Slack is overvalued and that is totally understandable


For me the team collaboration service Slack has been one of the biggest names of the Internet year 2014. It looks as if the company’s remarkable rise will continue in 2015, at an increasing pace. At least that’s what the investors think.

Last week Slack announced a $160 million funding round. The valuation rose to $2.8 billion. Even in these times, in which major tech startups based at the U.S. West Coast are pretty much swimming in venture capital, this is quite an astonishing increase in assumed value. Only less than 6 months ago Slack had reached the milestone of a $1 billion valuation. Worth noting is also that this fresh funding does not even seem to be needed, as the outspoken Slack CEO Stewart Butterfield explained in an interview last week. That fact does not come as a surprise: The company’s previous financing round of $120 million took place not even half a year ago. Most of that cash still sits in the bank. Slack had been previously dubbed the “fastest growing enterprise SaaS company ever”. Investors seem to be more than eager to jump on that train before it is too late.

Considering the exploding valuation, many observers are wondering whether we are witnessing just another sign of a hopeless overheated tech sector, or whether there is enough substance and potential that would justify such a development at Slack.

In general one has to keep in mind that the sky-high valuations that high profile U.S. tech companies and venture capitalists regularly agree on these days do not say anything about the actual value of these startups. The actual value would be hard to measure anyway. The partly insane amounts that one can often read about essentially show the investor’s confidence in a future mega exit, nothing else. An exit like when Facebook bought WhatsApp for $19 billion, or a really huge IPO.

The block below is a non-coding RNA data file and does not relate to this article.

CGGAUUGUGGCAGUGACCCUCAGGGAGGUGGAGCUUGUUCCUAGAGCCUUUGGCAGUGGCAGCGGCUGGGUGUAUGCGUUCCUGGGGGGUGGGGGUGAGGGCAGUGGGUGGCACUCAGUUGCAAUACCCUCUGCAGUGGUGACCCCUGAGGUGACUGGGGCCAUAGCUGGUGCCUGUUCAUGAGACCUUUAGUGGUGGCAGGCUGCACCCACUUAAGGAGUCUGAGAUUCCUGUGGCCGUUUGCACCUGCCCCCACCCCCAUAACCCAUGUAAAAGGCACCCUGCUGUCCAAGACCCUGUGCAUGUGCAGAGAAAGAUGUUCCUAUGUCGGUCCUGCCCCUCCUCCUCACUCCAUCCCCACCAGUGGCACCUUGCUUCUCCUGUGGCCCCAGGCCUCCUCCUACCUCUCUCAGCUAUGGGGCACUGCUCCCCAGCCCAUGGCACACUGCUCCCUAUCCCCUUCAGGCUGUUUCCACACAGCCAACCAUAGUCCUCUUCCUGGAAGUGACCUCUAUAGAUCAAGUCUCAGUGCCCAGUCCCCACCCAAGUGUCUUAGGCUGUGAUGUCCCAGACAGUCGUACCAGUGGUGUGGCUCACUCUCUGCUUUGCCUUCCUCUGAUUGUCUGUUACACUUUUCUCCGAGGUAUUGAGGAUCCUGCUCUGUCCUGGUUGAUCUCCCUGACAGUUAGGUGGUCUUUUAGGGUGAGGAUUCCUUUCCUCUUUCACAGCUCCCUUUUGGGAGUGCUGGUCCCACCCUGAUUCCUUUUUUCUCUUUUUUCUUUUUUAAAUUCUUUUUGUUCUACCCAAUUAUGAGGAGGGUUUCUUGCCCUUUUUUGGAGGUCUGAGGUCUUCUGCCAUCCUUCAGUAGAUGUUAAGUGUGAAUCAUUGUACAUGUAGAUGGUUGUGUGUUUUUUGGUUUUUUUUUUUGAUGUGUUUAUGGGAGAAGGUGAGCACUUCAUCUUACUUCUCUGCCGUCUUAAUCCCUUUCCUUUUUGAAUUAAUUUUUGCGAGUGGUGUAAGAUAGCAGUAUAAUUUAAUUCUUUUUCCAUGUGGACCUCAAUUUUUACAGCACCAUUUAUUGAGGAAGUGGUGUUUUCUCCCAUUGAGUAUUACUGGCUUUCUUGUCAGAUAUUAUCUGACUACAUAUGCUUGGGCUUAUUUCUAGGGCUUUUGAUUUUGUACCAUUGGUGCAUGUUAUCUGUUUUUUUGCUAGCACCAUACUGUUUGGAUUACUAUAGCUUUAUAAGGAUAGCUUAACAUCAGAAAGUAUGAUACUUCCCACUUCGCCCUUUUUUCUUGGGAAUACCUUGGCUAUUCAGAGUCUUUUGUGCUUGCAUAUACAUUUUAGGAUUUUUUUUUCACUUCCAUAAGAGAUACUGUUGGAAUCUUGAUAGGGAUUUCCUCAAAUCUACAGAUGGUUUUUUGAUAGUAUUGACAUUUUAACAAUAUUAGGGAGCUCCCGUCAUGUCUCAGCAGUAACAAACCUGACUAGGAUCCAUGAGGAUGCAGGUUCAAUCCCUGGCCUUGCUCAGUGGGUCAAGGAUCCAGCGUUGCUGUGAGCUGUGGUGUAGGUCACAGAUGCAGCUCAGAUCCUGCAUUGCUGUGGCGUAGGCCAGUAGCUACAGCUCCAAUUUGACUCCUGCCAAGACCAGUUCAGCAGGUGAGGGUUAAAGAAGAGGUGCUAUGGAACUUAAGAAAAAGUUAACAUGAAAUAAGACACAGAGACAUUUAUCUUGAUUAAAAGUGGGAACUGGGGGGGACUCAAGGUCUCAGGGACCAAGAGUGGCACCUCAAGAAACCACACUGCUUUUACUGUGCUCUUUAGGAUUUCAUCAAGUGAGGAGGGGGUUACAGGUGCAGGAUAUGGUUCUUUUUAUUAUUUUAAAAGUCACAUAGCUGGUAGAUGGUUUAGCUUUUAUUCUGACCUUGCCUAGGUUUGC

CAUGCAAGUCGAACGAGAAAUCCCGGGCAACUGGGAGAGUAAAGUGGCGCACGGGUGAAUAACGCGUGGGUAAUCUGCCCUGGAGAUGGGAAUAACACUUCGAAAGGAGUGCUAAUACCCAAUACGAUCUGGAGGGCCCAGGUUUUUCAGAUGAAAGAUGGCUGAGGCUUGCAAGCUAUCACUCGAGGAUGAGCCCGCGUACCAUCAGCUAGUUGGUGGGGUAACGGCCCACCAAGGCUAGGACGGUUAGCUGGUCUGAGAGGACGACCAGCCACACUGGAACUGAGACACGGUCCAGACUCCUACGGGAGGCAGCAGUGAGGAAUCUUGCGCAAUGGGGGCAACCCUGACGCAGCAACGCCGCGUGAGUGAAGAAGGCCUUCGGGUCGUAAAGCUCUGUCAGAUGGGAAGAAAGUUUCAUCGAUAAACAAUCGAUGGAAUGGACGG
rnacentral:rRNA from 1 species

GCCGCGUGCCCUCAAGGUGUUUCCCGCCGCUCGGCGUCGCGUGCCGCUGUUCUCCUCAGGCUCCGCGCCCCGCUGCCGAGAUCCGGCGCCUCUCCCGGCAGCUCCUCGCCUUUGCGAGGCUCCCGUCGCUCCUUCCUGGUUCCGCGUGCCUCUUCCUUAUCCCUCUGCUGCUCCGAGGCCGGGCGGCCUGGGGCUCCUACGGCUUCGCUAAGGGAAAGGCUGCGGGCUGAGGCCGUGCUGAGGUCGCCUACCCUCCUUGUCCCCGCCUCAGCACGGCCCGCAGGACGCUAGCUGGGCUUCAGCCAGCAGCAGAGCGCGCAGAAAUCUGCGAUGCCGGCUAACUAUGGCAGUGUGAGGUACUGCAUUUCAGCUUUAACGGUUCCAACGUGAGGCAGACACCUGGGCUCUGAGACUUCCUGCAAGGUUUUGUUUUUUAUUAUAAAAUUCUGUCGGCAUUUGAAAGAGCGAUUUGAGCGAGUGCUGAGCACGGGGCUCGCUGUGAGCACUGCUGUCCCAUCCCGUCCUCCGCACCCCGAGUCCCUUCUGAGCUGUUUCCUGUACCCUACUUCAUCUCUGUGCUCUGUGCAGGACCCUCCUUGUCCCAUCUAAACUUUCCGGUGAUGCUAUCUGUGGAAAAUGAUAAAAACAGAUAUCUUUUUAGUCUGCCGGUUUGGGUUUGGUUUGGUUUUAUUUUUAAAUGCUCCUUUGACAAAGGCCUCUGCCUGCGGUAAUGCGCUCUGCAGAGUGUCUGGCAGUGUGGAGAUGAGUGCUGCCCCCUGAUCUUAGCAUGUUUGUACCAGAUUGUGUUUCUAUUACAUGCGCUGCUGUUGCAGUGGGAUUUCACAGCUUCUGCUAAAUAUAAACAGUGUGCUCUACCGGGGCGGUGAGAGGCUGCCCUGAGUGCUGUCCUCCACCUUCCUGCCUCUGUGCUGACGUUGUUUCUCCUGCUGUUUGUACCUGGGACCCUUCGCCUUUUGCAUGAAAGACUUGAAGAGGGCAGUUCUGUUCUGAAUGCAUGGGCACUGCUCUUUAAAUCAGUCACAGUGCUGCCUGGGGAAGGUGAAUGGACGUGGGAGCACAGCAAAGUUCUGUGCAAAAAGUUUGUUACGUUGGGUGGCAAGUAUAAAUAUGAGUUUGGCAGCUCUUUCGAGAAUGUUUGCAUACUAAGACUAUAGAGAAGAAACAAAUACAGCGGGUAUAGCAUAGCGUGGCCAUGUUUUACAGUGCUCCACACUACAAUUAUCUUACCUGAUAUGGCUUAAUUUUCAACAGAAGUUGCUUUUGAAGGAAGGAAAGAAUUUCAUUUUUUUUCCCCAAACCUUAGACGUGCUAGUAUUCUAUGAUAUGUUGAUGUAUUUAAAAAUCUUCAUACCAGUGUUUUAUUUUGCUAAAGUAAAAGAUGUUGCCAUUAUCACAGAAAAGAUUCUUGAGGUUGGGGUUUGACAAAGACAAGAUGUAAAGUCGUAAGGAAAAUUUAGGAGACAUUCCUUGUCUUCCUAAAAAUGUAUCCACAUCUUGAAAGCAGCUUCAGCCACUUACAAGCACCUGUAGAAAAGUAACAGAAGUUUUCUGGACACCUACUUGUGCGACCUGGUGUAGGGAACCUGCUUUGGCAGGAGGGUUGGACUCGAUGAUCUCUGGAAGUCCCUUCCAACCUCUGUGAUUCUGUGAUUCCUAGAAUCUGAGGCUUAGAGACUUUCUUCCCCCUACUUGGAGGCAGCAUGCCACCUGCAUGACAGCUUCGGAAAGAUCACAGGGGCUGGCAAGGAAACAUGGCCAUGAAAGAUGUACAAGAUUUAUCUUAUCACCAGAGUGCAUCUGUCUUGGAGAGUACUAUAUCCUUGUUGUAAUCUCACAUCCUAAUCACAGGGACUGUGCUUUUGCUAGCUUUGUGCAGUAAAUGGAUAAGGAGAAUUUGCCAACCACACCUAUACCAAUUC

Furthermore, these investors are not necessarily acting rationally. There are a bunch of emotional factors that could influence their decisions. Worth mentioning are fear of missing out (FOMO), competition between big egos, prestige thinking and group think. About a dozen old and new investors participated in Slack’s recent round. If everyone wants to put money into this one company, they can’t be wrong, right?! …

In the case of Slack, I would assume that some VCs felt the pressure of basically having to invest in this company no matter what, thus making very generous offers. That would be in line with Butterfield’s remark that “it would be almost imprudent” for him “not to accept $160 million bucks for 5-ish percent of the company when it’s offered on favorable terms”.

That’s why a discussion about the valuation of Slack does not lead anywhere. Based on today’s key performance metrics, the company is highly overvalued. Like most other “Unicorns” (industry lingo for exceptionally fast-growing startups valuated at more than $1 billion) these days. But as described, these valuations do not mean too much anyway. They are pure speculative and based on expected events in the future. And considering that Slack in fact is quite an exceptional company, it would be strange if the industry players and investors would choose Slack of all companies to show moderation and self-restraint.